Arctic sea ice has most likely frozen to its maximum extent for the winter. This event marks the turning point between winter and spring for sea ice, and may affect the amount of ice that will remain by end of summer. In early April, NSIDC scientists will talk about what this year’s maximum signifies for the upcoming summer. Meanwhile, readers are asking how the ice cover this year is different from the ice cover in years past.
Arctic sea ice grows each winter, hitting its annual maximum sometime in March. When the sun returns to the Arctic in the spring, the air warms up and the ice starts to melt. The ice retreats through the warmer summer months, hitting its lowest point sometime in September. Although scientists watch the sea ice year-round, they pay attention to the highest and lowest extents of the year as indicators of the overall health of the sea ice.
Have the dates of the maximum/minimum shifted?
Reader Sandy Briggs asked Icelights whether the dates of the sea ice minimum and maximum extents have shifted since 1979. Since 1979, the average date of the winter maximum has not changed very much, explains NSIDC scientist Walt Meier, who tracks sea ice data year-round. “But we see a lot of year-to-year variation in the date of both the maximum and the minimum dates,” Meier said. The date of the maximum has varied by more than 30 days since 1979.
In the summer, in contrast, Arctic sea ice has started freezing up a little later each year. The ice now hits its lowest annual extent an average of six days later than it did in 1979.
The minimum, or the amount of sea ice remaining at the end of summer, has declined more than the maximum, the peak of winter sea ice. The minimum ice extent has dropped by more than 30 percent since satellite records started in 1979, while the maximum has declined by only about 8 percent over that same time period.
Meier said, “In winter, there are only limited areas where the extent can vary—most of the Arctic Ocean is surrounded by land.” The ice can only expand as far as the ocean extends. In addition, he said, winter ice extent depends more on water temperature than on air temperature, and ocean temperature changes more slowly than air temperature.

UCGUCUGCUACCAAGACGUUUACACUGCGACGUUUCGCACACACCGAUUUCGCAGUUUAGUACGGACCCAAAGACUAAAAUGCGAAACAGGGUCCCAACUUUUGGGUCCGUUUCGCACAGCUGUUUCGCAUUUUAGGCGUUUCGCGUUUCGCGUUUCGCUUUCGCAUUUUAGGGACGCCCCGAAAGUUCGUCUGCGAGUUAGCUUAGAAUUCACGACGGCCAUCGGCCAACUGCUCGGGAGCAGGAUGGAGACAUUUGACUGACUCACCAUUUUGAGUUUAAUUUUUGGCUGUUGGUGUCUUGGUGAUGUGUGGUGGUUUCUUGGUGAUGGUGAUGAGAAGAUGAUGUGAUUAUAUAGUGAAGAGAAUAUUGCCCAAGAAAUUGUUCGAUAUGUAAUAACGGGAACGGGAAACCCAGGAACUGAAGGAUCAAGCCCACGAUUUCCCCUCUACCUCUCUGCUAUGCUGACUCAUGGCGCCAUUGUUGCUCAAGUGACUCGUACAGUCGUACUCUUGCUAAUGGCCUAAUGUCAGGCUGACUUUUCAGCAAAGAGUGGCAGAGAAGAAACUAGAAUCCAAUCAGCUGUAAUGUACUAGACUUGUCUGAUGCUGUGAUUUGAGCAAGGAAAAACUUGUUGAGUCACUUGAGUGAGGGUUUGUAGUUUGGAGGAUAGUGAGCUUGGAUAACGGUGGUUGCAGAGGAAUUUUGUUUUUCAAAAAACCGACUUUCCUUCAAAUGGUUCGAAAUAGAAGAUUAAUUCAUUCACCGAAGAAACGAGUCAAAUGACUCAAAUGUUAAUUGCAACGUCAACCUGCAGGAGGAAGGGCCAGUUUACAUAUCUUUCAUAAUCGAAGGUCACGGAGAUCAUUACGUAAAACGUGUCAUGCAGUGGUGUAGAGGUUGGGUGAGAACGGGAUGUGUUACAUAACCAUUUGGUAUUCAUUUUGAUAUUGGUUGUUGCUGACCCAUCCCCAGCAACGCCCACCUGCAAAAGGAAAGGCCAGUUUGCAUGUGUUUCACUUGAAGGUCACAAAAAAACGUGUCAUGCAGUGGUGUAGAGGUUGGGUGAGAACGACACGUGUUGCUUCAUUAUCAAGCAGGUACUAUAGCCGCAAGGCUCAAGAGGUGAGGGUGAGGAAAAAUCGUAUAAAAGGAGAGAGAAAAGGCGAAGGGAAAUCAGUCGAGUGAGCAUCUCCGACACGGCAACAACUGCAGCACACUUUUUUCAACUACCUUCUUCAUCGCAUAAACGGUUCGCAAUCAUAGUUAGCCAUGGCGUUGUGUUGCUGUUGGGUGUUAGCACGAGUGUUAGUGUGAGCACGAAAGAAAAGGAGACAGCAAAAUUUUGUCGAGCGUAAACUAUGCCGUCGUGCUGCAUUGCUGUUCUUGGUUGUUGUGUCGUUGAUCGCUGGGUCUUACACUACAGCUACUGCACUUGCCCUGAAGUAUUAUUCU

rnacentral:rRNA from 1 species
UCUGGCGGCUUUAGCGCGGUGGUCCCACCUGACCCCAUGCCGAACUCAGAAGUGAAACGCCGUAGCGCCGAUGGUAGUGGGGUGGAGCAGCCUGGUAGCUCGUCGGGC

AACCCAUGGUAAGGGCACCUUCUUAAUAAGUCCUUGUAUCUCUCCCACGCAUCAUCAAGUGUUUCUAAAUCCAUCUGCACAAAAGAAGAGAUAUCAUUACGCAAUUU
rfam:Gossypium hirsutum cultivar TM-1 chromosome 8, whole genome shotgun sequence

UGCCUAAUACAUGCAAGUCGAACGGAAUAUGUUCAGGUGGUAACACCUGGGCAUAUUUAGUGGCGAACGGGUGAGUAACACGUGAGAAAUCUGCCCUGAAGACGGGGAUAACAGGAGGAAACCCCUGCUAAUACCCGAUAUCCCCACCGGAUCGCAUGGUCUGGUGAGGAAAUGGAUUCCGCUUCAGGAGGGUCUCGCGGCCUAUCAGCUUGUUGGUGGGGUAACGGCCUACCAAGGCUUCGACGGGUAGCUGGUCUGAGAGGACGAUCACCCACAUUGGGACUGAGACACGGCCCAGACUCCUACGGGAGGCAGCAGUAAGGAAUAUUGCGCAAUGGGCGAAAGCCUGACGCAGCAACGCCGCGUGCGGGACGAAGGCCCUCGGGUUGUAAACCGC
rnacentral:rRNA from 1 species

How important is the thickness of Arctic sea ice?
Reader James Waligora of League City, Texas asked about ice thickness and measurements in a recent email to us. Ice extent measures the surface of the ice, but does not indicate how much ice is beneath the surface. To really gauge the health of the ice cover, researchers need to know how thick it is.
Thickness is very important to the stability of the ice cover. Thicker ice can better withstand heat, winds, and currents, to survive the summer months, while thinner ice responds more quickly to changes in weather. In recent years, ice thickness has also declined, according to several measurements.
Researchers use several satellites, along with field measurements, to look at ice thickness. From 2003 to 2009, the Ice, Cloud and land Elevation Satellite (ICESat) orbited the Earth and took measurements of ice thickness. A 2009 study based on ICESat data showed that ice thickness had declined dramatically during that period. That satellite mission ended in 2009, but the next ICESat mission is slated to launch in 2015.
For now, researchers are using another method that allows them to estimate ice thickness based on the age of the ice. Older ice that has survived for several winters grows thicker than new ice that has only had one winter to freeze up. Researchers determine the ice age using the same satellite data that researchers use to measure extent. Although ice age measurements are an indirect way to measure ice thickness, this data matches up well with the ICESat ice thickness data.
Updated ice age data for the spring of 2011 will likely be available on Arctic Sea Ice News & Analysis in early April.